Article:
Economic growth – is openness to international trade beneficial?: an empirical analysis of economic growth and trade policy
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- Master Thesis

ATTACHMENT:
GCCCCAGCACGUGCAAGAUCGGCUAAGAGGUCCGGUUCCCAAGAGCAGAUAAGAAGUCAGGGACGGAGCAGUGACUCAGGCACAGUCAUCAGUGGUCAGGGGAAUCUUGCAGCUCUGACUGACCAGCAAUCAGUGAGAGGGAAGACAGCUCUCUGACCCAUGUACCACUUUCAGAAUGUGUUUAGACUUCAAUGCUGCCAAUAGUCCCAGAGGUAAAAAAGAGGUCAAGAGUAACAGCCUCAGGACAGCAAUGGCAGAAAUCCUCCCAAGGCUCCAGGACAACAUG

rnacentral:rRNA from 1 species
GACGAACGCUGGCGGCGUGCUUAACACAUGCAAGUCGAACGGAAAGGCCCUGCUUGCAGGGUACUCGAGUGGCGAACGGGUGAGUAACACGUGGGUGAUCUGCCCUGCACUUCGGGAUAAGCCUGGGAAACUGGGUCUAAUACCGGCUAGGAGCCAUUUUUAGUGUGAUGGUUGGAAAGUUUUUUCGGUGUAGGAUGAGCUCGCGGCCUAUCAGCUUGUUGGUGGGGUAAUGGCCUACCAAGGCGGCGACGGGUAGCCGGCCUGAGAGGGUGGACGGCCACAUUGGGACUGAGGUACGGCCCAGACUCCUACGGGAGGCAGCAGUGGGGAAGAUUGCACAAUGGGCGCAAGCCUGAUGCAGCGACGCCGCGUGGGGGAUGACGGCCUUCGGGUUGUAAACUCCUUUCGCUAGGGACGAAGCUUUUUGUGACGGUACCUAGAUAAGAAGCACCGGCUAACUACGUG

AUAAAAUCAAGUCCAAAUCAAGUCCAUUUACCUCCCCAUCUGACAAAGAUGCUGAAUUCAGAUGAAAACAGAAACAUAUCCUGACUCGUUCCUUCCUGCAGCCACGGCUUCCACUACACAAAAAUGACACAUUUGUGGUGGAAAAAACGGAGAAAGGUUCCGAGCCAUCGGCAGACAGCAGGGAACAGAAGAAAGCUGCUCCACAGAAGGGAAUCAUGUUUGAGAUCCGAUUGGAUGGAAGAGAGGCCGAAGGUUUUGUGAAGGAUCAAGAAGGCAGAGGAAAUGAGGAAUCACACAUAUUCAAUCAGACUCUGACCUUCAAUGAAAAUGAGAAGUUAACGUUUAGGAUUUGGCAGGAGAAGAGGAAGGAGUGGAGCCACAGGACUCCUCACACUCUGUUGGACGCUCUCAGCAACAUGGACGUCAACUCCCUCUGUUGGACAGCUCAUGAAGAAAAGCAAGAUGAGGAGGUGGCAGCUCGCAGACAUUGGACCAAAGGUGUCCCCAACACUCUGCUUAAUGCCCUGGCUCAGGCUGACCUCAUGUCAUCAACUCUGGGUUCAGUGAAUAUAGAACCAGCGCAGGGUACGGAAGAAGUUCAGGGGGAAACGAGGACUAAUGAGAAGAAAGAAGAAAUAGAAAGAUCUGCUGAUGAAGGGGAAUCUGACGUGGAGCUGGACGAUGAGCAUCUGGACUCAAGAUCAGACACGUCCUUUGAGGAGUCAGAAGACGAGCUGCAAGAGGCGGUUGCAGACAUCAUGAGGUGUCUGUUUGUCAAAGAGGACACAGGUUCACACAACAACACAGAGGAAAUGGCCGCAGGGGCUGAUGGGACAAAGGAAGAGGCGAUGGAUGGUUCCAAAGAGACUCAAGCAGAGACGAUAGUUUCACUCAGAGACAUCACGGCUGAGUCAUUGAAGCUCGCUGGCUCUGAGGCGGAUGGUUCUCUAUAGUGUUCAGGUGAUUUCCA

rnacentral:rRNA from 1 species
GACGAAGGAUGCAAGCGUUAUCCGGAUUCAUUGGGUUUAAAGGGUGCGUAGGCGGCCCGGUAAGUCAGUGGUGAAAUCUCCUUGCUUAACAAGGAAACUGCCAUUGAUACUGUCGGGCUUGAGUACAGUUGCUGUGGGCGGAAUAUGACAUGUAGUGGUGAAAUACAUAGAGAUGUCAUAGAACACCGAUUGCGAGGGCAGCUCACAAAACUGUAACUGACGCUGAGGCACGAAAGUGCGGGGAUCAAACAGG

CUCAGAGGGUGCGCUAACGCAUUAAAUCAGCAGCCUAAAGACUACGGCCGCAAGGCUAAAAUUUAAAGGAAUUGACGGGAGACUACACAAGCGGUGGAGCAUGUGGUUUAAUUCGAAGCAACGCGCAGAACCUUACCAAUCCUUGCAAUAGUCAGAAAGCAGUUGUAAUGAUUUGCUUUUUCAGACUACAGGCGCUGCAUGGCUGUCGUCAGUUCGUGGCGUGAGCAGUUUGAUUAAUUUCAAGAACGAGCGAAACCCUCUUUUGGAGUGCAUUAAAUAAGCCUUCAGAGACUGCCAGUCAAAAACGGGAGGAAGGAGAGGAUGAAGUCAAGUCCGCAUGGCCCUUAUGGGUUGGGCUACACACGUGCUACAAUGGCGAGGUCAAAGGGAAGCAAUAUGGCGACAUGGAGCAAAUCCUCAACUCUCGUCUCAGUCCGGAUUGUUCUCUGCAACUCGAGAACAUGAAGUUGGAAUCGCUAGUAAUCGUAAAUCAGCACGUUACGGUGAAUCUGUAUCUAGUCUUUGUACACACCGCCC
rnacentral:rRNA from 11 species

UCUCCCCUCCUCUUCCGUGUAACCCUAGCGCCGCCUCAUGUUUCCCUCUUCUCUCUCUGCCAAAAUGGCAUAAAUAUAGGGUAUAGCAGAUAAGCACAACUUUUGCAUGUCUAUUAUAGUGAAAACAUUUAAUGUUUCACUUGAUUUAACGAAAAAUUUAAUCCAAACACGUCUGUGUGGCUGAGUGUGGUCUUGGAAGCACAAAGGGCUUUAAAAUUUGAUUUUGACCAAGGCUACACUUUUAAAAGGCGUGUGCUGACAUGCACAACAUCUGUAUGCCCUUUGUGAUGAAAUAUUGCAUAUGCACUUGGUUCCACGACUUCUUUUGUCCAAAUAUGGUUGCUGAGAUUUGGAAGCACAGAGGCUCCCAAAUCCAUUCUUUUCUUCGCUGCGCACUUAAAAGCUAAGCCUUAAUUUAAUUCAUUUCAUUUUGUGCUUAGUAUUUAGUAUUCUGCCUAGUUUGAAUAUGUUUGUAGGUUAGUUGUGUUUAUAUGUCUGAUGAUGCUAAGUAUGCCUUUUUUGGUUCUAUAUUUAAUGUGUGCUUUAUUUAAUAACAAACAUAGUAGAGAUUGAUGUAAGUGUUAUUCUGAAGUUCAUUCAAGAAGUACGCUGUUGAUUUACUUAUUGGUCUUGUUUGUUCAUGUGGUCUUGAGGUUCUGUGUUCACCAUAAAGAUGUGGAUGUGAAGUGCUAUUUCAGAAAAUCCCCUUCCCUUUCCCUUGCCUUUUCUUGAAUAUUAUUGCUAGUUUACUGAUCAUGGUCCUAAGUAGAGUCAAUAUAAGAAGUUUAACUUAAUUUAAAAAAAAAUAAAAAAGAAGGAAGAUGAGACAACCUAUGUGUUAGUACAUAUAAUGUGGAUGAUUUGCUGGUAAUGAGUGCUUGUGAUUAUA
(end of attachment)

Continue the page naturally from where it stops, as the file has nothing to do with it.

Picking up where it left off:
This thesis attempts to answer the following research question: “To which degree, if any, does policy open to international trade lead to increased economic growth within a country?” The applied measure of openness to international trade is an index that increases as a country has less restrictions on trade, while annual growth in GDP per capita is the preferred measure of economic growth. There is a potential problem of endogeneity in the openness index, so four instrumental variables are suggested. These are the share of votes equal to the U.S. in the United Nations General Assembly, number of years as member of GATT/WTO, share of children that are immune to DPT and a country’s distance to equator. A panel data set for up to 91 countries for the time period 1970-2011 is analysed, with countries from all income-groups represented. First, openness is considered exogenous, and directly applied with both an ordinary least squares-estimator and a fixed effect-estimator. Second, the potential endogeneity bias is accounted for by use of instrumental variable regressions. The main results of this thesis are that there exists a negative relationship between openness to international trade and economic growth. The result is robust to alterations of model specification, and high-income countries have the largest reported negative effects of a ceteris paribus increase in openness. The instrumental variables remain strong throughout the robustness tests, and especially share of votes equal to the U.S. in the United Nations General Assembly, number of years as member of GATT/WTO are reported as valid.